Roofing Components Systems

Roofing Components Systems and How They All Work Together

The components and parts that make up your roofing system and how they work together. Have you ever wondered how roofing component systems such as, decking, tar paper, pipe jacks, valley flashing, chimney and sidewall flashing all work together? As we receive phone calls from homeowners considering replacing their roofs, we often hear the question, “will your roofing company replace everything or just the shingles?” So, I decided to answer this question here at Texas Home Exteriors in this post to help homeowners better understand roofing components are and how they all work together to keep homes dry on the inside with what we call, best roofing practices. So with that said, here we go with some informative information!

Roof Decking

Roof-Decking

Roof Decking Being Installed Houston TX Home

To start off with, your roofing system needs some type of a surface to install all the components installed onto allowing them to work together. The roof decking or roof deck is a pitched surface built from either plywood or OSB sheathing allowing the roofing system to work as a flat but pitched surface.

This decking is mounted on top of roof rafters most often constructed of a 2″x6″ wood material frame that holds and supports the roof decking. The roof decking is often built from 4’X8′ sheets of plywood or OSB sheathing on homes across the country.

An upgrade to standard decking would be a product such as a Techshield radiant barrier. One side of this product is aluminum which deflects the radiant heat, thus keeping it from entering your roof attic space.  Using this product will result in lower heat gain in the summer, reducing utility bills.

There is a big drawback to installing the Techshield radiant barrier, be aware that the aluminum barrier can interfere with cell phone signals which could affect reception in the home. I have personally experienced this noticing a weakened signal and have heard of others having no signal at all.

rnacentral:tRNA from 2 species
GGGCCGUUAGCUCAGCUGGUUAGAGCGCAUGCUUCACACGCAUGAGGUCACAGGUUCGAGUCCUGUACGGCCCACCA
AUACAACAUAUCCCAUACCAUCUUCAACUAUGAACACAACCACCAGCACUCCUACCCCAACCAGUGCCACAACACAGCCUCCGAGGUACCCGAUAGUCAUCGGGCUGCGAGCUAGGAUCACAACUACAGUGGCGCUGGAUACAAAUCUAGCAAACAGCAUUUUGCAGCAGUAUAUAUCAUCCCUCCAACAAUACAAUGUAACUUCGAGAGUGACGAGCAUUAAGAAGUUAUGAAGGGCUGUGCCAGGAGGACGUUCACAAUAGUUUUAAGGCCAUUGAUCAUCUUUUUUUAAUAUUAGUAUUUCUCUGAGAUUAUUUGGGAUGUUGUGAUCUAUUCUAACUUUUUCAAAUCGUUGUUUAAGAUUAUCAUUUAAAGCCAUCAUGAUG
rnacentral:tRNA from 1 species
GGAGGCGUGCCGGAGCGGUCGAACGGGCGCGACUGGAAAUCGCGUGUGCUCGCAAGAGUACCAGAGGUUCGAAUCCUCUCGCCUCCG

Roofing Felt and Tar Paper

felt tar paper

felt tar paper roll installed before roofing shingles

As your roof decking is being installed, it is vulnerable to the elements such as moisture and rain because the product is wood-based. Prolonged exposure to these elements will cause rotting of  this decking so it is important to apply Roofing Felt and Tar Paper, this is the barrier most often installed. This layer provides a waterproof layer of protection for the wood decking during installation and continues to offer protection of the roof from the possibility of ingress of moisture .

The felt and tar paper also serves as an additional layer of protection in the case of a roof shingle blow-off during a storm. This tar paper is available in both #15 and in #30 pound options. The #30 lb product is most commonly used in steeper roof applications.

Drip Edge

drip edge

Worker installing drip edge

Drip edge is a galvanized metal or aluminum product that is available in galvanized or may be painted to match your home’s existing fascia boards.

Drip edge acts as an edge flashing which is installed around the perimeter of a home usually following the facia board. When the roofing shingle is installed, it will either be mounted flush with this drip edge or extended about 3/4″ of an inch beyond it.

Drip Edge comes in many styles such as, L, D-L, sizes and colors depending on application of the new roof installation. The most common drip edge used is 1.5″x1.5″ or 2″x2″ “L” style. This is the one most commonly used on Houston Texas homes.

Roofing Valley Flashing

Roofing Valley Flashing

Crew Installing Roofing Valley Flashing is where two pitched roof angles come together and meet up with each other. The water is collected together at this junction called a valley. and or underlayment is needed to be installed underneath this roofing shingle area to be collected and guided down the roof slope.

Roofing Valley Flashing is installed in the case when two pitched roof angles come together and meet up with one another. This is important as water collects at these junctions, called valleys. Roofing valley flashing and/or underlayment needs to be installed underneath this roofing shingle area to be collected and guided down the roof slope to keep it from pooling and penetrating the roof decking possibly leading to rot and/or entering into the home’s interior.

There are a variety of methods of installation of valley flashing, one method is called open valley and closed valley each having definite differences on how they look. The open valley flashing has a passage space in the middle where the roofing shingles do not touch allowing for drainage and exposing the valley flashing underneath. With the closed valley flashing optio, the roofing shingles overlap one another covering the valley flashing underneath, this method is by far the most common in the Houston Texas metro area.

Pipe or Plumbing Jacks

pipe led jack

New pipe led jack installed on roof

Pipe Jacks which may also be called “plumbing vents” are a pipe that protrudes out of the rooftop for ventilation of septic systems and/or to allow venting (air intake) while flushing the toilet.